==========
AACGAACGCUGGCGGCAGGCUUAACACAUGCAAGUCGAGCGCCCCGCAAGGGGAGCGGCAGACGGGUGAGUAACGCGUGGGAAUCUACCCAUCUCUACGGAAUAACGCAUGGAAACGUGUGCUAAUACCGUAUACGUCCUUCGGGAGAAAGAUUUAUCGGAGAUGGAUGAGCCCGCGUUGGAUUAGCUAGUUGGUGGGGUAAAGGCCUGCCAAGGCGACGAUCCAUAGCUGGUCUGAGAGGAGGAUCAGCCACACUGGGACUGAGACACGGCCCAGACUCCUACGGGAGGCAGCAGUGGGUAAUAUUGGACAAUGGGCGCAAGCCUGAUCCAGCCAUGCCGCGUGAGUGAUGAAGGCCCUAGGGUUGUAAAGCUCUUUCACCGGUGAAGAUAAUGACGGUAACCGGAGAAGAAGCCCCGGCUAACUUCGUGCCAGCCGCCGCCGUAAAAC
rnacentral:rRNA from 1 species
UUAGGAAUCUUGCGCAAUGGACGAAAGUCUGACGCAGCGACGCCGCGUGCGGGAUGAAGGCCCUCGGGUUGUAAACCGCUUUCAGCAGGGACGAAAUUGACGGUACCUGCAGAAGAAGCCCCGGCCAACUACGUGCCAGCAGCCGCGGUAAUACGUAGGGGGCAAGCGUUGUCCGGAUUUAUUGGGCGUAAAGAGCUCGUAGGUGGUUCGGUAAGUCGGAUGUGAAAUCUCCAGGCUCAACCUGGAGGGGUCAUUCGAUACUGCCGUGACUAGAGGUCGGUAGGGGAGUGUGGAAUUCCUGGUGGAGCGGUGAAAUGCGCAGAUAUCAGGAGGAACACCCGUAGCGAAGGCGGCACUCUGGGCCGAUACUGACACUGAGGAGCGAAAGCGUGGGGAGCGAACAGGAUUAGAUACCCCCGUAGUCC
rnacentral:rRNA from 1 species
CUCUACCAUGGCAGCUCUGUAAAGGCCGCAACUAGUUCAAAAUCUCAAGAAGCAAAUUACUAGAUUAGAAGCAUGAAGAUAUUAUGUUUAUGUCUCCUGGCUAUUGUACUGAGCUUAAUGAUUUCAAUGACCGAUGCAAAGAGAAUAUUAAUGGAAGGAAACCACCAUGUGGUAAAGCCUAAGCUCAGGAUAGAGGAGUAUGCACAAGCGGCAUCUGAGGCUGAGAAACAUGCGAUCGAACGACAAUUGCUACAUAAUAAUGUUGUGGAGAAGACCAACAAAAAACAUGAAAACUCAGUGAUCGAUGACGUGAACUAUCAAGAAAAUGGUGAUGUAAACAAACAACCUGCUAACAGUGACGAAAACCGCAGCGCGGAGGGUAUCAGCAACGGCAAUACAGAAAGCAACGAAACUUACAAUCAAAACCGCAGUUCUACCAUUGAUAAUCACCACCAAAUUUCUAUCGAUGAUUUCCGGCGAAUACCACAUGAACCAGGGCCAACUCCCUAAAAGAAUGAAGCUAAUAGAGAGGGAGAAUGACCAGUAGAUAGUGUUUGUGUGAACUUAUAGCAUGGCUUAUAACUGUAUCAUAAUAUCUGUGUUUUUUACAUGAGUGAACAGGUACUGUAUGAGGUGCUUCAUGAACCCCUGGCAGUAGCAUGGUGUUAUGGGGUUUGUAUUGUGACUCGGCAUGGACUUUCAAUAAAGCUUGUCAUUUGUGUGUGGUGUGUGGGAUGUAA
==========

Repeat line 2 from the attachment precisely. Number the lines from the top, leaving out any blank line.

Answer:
rnacentral:rRNA from 1 species